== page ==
Warning: This is not a prognostication piece by me. This is more of a history lesson than anything else. Do not take it as anything more than that.
Chris Coghlan’s top comps by PECOTA are Alex Ochoa (ick), Brent Brede (who?), Tommy Dunbar (who again?), and John Kruk (I guess that’s a good thing, if he doesn’t turn to broadcasting later on). But recently, as I was thinking about comps for the current season struggles of Coghlan, a name popped into my head that I don’t think anyone wants to see. This comp does not imply that Coghlan’s career will go the same way, but rather serves as yet another cautionary tale: even young players who get off to great starts don’t necessarily pan out.
Coghlan, 2009 (age 24): 565 PA, .321/.390/.460, .372 wOBA
Jeremy Hermida, 2007 (age 23): 484 PA, .296/.369/.501, .372 wOBA
Coghlan, 2010: 171 PA, .210/.260/.268, .246 wOBA
Hermida, 2008: 171 PA, .269/.316/.450, .332 wOBA
I know, even uttering the comparison between Coghlan and former top prospect Hermida seems sacrilegeous. But of course, we know that even a guy who can reach a .372 wOBA in his age 23 season can falter in the big leagues. So is there anything that those two have in common that we should be concerned about?
One major difference between Hermida and Coghlan is their tendency to strike out. Even in Hermida’s excellent 2007 season, he struck out 21.8% of the time. In 2009, Coghlan struck out in just 13.7% of his PA. However, in 2010, Coghlan’s strikeout rates have jumped up to Hermida-level:
Coghlan, 2010: 22.2%
Hermida, career: 22.3%
Admittedly, Coghlan’s “change” has come in just over 170 PA, so there is a small sample size caveat. However, strikeout rates can stabilize fairly quickly; I believe Pizza Cutter’s old MVN study had strikeout rates being stable as early as 200 or 250 PA.
The reasoning behind Coghlan’s strikeouts are fairly different than the one for Hermida. While Hermida was a patient hitter who swung at fewer pitches and was struggling with contact, Coghlan’s 2010 strikeouts are likely a result of more hacking outside the zone.
Coghlan, 2010: 30.0% O-Swing%, 47.0% Swing%, 82.6% Contact%
Hermida, career: 23.6% O-Swing%, 42.8% Swing%, 78.7% Contact%
In that respect, the two players have varied skillsets leading to similar problems. You have to figure that Coghlan’s plate discipline should return to normal, as he was always known as a patient hitter in the minors. His better contact capabilities, combined with that regression, should leave him less susceptible to the strikeout problems Hermida has.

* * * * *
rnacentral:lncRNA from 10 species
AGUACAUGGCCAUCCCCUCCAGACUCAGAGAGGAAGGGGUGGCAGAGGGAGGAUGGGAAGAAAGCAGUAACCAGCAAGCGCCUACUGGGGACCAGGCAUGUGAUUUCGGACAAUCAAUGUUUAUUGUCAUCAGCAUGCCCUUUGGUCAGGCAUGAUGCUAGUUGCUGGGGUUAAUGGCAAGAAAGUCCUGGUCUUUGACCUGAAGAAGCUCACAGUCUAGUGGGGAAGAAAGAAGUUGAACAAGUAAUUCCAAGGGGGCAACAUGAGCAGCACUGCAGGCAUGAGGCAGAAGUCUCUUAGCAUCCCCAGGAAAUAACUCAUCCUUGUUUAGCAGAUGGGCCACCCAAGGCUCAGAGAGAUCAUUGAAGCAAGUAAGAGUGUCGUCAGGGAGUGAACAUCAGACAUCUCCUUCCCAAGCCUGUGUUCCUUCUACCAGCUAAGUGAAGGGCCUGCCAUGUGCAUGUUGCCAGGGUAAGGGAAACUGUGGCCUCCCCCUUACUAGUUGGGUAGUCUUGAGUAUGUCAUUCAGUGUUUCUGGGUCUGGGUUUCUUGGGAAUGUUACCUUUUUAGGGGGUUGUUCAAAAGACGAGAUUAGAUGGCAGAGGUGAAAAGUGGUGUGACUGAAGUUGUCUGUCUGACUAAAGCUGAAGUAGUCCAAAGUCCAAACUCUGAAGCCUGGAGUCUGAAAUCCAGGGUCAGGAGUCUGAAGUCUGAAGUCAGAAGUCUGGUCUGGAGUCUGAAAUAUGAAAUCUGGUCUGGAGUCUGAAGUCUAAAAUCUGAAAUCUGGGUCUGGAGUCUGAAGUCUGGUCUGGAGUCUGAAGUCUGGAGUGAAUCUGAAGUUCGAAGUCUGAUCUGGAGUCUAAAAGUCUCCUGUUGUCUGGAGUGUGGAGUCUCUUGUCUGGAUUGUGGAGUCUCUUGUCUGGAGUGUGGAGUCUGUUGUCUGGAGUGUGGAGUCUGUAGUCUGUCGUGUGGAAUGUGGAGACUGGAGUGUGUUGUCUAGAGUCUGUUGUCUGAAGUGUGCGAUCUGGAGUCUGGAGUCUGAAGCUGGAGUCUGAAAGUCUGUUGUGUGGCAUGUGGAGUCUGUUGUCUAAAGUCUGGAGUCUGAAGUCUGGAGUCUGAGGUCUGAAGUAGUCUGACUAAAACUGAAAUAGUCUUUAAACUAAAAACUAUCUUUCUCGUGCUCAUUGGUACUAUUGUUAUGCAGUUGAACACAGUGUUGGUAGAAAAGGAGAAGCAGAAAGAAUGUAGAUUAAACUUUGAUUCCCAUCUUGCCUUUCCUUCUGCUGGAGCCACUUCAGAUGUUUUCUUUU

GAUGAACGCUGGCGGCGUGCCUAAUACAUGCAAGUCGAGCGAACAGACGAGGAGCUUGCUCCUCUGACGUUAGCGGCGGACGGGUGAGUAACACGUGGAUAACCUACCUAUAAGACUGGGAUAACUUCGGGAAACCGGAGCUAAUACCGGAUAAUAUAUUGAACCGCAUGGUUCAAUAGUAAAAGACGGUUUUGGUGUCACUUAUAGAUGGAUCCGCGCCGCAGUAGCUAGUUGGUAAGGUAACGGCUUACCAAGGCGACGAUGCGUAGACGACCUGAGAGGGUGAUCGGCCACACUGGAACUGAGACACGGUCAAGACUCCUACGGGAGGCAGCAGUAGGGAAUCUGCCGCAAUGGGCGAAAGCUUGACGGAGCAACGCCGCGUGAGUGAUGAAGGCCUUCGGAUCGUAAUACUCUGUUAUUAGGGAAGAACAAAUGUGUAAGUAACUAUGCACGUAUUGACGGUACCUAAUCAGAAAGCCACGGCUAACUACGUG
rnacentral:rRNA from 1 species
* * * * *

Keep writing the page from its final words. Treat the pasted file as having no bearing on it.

The strikeout issue does affect some other differences between the two. Hermida needed a career .319 BABIP just to manager a meager .263 batting average. If Coghlan can avoid the strikeout issues, he can keep his average closer to .300, which is a must given his lack of power. Hermida never displayed great power, but his edge over Coghlan is in routinely reaching double-digit home runs and posting an ISO around .150. Coghlan is more of a line drive hitter with mediocre gap power and poor home run power, so it is not likely that he’ll put up more than a .140 ISO often in his career.
Both players have generally been known as patient in their minor league careers, and their walk rates have reflected that so far at the big league level. Coghlan has struggled early this year to put up an effective walk rate due to his aforementioned hacking problems, but in 2009 he walked unintentionally in 9.1% of his PA, right around the league average. Hermida has always displayed patience, but patience at the plate alone cannot bring enough value to make up for a lack of power or average at the corner outfield positions.
The other major similarity that we’ve seen so far is actually a downside. Neither player has impressed initially in the outfield. Neither Coghlan nor Hermida are capable of playing center field, and both players have come off poor using advanced defensive metrics. The one benefit here for Coghlan is that his only season in the outfield was his first year in a long time playing the position, so it is expected that he would struggle to start. The struggles were visible, as Coghlan often took bad jumps and allowed balls to fall because of these jumps. However, Hermida did this constantly and did not have Coghlan’s speed and athleticism to make up for these poor reads. Hermida is what he is now on defense, a below average defender at an easier position. Coghlan may yet improve, and going forward it is likely that he will be moved to second base, a defensive premium position.
Should we be worried?
The only concern I have about Coghlan right now is the strikeouts. If he can stop hacking at pitches out of the zone, those will fall back down to a normal level and, accompanied by a regression in BABIP, put Coghlan’s offensive value back close to his preseason projection from CHONE (.357 wOBA). However, if he cannot overcome this early-season problem, Coghlan could be a weaker version of Hermida, and that’s something no Marlins fan wants to see.